Pinxter Azalea has just passed its peak in most locales, but today at Raven Rock State Park it is still striking enough to turn heads, ours included.
Along the streamside margins, and even further up the on the ridge above this stretch of the Cape Fear, the fiddleheads have become full-fledged fern fronds; framed in this instance by fallen oak blossoms, boldly declaring the advent of Spring.
Our quarry today lies farther along the trail, in the very shadow of the namesake Rock itself;
today we seek acquaintance with a rather inconspicuous but most impressive spring bloomer, the pawpaw tree. And just above the final landing on the steep wooden stairs descending the cliff adjacent to Raven Rock, we enjoy our first glimpse of the striking purplish-brown blossoms.
The fruit born of this blooming are North America's largest native fruit, fallen into relative obscurity in recent times due to their short shelf life and lack of cultivation.
Remembered in the classic American folk tune which finds Nellie or Susie or any other lyrical name of your choosing, "Way down yonder in the pawpaw patch, pickin' up pawpaws, puttin' 'em in your pocket..."
The pawpaw "patch" alludes to the pawpaw's clonal method of reproduction, typical of a few woody plant species, which form rather dense stands of genetically identical individuals in suitable habitat with a shared root system.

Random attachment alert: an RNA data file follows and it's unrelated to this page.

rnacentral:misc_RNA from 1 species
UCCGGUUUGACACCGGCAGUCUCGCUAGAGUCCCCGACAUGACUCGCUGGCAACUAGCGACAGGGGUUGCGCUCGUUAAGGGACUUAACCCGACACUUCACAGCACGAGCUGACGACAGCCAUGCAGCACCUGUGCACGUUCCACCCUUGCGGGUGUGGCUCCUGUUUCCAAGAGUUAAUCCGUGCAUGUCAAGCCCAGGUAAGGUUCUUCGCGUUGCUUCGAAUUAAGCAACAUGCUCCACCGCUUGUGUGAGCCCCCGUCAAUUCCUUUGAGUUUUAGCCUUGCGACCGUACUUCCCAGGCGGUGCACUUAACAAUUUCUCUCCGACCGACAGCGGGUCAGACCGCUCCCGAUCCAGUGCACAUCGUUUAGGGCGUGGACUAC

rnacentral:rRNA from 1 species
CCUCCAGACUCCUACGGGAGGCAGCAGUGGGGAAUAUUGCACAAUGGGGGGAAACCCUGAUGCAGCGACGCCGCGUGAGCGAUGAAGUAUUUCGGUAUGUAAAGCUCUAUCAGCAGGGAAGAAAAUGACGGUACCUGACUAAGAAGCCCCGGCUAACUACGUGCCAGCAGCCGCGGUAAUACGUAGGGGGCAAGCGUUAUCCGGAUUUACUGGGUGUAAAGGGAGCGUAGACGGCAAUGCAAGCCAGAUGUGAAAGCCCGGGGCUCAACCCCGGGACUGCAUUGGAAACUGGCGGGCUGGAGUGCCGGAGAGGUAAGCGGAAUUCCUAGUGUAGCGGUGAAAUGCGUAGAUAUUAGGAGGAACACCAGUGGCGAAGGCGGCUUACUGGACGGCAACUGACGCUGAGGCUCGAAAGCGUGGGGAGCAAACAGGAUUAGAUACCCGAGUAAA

This patch of a few dozen smallish trees appears to be thriving in the understory on the very brink of the river, shaded by towering hardwoods and the rock itself.
By most accounts, the fruit tastes of very ripe peaches, with perhaps a hint of banana, and the foliage of the pawpaw happens to be the preferred food of the zebra swallowtail butterfly.
For our purposes today, however, the blossoms are the stars, and we are thrilled to bear witness to their splendor.
On the return trip, the sun is lower in the sky, and the forest takes on a green-tinted fairytale glow, painting the trail with shadows and making every moment into a postcard...
Hoot Owl's photographers are up to the task, pickin' up the postcards, and puttin' 'em in their pockets, to share them later with friends...
Moment after memorable moment, from forest trail to overlook to stream side and back again,
a perfect spring day yields to a perfect spring evening.
As the travelers approach the forest edge, a male summer tanager bids them adieu from the cool woodland shadows,
and the azaleas invite them to return again soon.
A brief stroll through Moccasin Branch before parting,
where the giant creekside ferns are a bit behind their woodland cousins,
reminding us that all of nature moves at its own pace, and that to venture too far from the forest, or tarry too long in returning, is to risk missing unimagined treasures.
We'll be back soon!